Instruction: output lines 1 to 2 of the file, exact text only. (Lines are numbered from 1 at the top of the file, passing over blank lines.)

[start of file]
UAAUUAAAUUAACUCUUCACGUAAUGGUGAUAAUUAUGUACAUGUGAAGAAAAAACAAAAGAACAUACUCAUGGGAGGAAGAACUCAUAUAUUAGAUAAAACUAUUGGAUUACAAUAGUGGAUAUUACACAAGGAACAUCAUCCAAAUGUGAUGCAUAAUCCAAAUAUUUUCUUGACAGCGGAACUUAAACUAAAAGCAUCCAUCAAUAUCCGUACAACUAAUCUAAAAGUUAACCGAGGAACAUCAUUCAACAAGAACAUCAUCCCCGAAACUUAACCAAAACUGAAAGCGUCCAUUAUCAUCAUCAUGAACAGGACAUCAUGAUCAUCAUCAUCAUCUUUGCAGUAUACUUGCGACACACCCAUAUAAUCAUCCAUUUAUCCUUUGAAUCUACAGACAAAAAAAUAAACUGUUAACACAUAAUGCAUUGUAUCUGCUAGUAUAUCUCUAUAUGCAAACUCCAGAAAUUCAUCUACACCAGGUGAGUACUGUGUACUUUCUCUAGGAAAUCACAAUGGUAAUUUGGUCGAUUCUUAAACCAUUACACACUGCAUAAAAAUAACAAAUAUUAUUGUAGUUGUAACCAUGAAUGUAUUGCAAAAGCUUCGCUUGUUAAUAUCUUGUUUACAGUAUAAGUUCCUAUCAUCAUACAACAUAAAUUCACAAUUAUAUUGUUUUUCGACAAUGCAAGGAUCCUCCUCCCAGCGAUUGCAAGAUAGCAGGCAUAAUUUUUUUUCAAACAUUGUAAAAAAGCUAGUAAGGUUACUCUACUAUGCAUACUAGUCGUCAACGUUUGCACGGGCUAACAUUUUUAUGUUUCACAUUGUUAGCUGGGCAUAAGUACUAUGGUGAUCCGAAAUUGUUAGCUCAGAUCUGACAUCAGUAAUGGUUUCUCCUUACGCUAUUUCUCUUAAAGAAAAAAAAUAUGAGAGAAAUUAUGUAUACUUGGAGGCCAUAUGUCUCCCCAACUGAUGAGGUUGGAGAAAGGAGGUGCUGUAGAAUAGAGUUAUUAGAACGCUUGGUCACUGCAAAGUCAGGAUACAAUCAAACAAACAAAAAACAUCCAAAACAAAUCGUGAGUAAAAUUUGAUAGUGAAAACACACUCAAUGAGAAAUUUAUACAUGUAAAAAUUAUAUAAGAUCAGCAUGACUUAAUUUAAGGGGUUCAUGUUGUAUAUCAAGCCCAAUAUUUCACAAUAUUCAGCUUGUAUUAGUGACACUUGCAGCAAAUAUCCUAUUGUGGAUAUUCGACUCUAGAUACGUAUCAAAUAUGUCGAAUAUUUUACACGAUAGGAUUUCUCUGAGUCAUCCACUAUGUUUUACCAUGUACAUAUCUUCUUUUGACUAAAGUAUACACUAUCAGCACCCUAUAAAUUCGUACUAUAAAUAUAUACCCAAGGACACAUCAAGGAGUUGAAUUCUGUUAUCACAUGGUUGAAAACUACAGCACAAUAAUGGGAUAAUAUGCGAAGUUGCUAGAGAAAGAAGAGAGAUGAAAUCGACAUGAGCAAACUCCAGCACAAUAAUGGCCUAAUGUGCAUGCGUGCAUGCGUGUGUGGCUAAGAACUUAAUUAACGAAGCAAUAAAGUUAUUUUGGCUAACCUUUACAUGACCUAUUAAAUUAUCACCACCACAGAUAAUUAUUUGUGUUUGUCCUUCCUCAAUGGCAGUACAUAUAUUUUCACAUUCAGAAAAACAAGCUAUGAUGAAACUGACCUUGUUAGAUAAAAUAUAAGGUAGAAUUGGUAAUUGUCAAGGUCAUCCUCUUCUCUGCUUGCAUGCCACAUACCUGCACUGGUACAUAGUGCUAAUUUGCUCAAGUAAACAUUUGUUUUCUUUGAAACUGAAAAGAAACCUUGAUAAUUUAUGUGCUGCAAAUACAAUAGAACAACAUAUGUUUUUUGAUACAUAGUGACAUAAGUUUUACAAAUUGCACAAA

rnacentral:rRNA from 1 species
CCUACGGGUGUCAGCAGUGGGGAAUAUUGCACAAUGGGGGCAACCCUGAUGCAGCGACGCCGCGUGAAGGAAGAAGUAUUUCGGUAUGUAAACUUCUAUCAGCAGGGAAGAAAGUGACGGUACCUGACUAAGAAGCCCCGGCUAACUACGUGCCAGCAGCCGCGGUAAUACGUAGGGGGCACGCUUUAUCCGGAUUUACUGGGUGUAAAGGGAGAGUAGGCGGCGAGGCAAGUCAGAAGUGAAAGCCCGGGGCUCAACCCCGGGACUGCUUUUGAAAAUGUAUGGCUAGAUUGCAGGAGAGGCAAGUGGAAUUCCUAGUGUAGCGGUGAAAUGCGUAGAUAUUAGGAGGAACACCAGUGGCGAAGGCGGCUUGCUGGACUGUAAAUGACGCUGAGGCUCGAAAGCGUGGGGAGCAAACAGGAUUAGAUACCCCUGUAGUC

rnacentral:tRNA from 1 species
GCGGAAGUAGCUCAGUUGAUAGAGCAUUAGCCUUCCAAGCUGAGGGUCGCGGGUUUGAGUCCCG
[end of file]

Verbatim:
UAAUUAAAUUAACUCUUCACGUAAUGGUGAUAAUUAUGUACAUGUGAAGAAAAAACAAAAGAACAUACUCAUGGGAGGAAGAACUCAUAUAUUAGAUAAAACUAUUGGAUUACAAUAGUGGAUAUUACACAAGGAACAUCAUCCAAAUGUGAUGCAUAAUCCAAAUAUUUUCUUGACAGCGGAACUUAAACUAAAAGCAUCCAUCAAUAUCCGUACAACUAAUCUAAAAGUUAACCGAGGAACAUCAUUCAACAAGAACAUCAUCCCCGAAACUUAACCAAAACUGAAAGCGUCCAUUAUCAUCAUCAUGAACAGGACAUCAUGAUCAUCAUCAUCAUCUUUGCAGUAUACUUGCGACACACCCAUAUAAUCAUCCAUUUAUCCUUUGAAUCUACAGACAAAAAAAUAAACUGUUAACACAUAAUGCAUUGUAUCUGCUAGUAUAUCUCUAUAUGCAAACUCCAGAAAUUCAUCUACACCAGGUGAGUACUGUGUACUUUCUCUAGGAAAUCACAAUGGUAAUUUGGUCGAUUCUUAAACCAUUACACACUGCAUAAAAAUAACAAAUAUUAUUGUAGUUGUAACCAUGAAUGUAUUGCAAAAGCUUCGCUUGUUAAUAUCUUGUUUACAGUAUAAGUUCCUAUCAUCAUACAACAUAAAUUCACAAUUAUAUUGUUUUUCGACAAUGCAAGGAUCCUCCUCCCAGCGAUUGCAAGAUAGCAGGCAUAAUUUUUUUUCAAACAUUGUAAAAAAGCUAGUAAGGUUACUCUACUAUGCAUACUAGUCGUCAACGUUUGCACGGGCUAACAUUUUUAUGUUUCACAUUGUUAGCUGGGCAUAAGUACUAUGGUGAUCCGAAAUUGUUAGCUCAGAUCUGACAUCAGUAAUGGUUUCUCCUUACGCUAUUUCUCUUAAAGAAAAAAAAUAUGAGAGAAAUUAUGUAUACUUGGAGGCCAUAUGUCUCCCCAACUGAUGAGGUUGGAGAAAGGAGGUGCUGUAGAAUAGAGUUAUUAGAACGCUUGGUCACUGCAAAGUCAGGAUACAAUCAAACAAACAAAAAACAUCCAAAACAAAUCGUGAGUAAAAUUUGAUAGUGAAAACACACUCAAUGAGAAAUUUAUACAUGUAAAAAUUAUAUAAGAUCAGCAUGACUUAAUUUAAGGGGUUCAUGUUGUAUAUCAAGCCCAAUAUUUCACAAUAUUCAGCUUGUAUUAGUGACACUUGCAGCAAAUAUCCUAUUGUGGAUAUUCGACUCUAGAUACGUAUCAAAUAUGUCGAAUAUUUUACACGAUAGGAUUUCUCUGAGUCAUCCACUAUGUUUUACCAUGUACAUAUCUUCUUUUGACUAAAGUAUACACUAUCAGCACCCUAUAAAUUCGUACUAUAAAUAUAUACCCAAGGACACAUCAAGGAGUUGAAUUCUGUUAUCACAUGGUUGAAAACUACAGCACAAUAAUGGGAUAAUAUGCGAAGUUGCUAGAGAAAGAAGAGAGAUGAAAUCGACAUGAGCAAACUCCAGCACAAUAAUGGCCUAAUGUGCAUGCGUGCAUGCGUGUGUGGCUAAGAACUUAAUUAACGAAGCAAUAAAGUUAUUUUGGCUAACCUUUACAUGACCUAUUAAAUUAUCACCACCACAGAUAAUUAUUUGUGUUUGUCCUUCCUCAAUGGCAGUACAUAUAUUUUCACAUUCAGAAAAACAAGCUAUGAUGAAACUGACCUUGUUAGAUAAAAUAUAAGGUAGAAUUGGUAAUUGUCAAGGUCAUCCUCUUCUCUGCUUGCAUGCCACAUACCUGCACUGGUACAUAGUGCUAAUUUGCUCAAGUAAACAUUUGUUUUCUUUGAAACUGAAAAGAAACCUUGAUAAUUUAUGUGCUGCAAAUACAAUAGAACAACAUAUGUUUUUUGAUACAUAGUGACAUAAGUUUUACAAAUUGCACAAA

rnacentral:rRNA from 1 species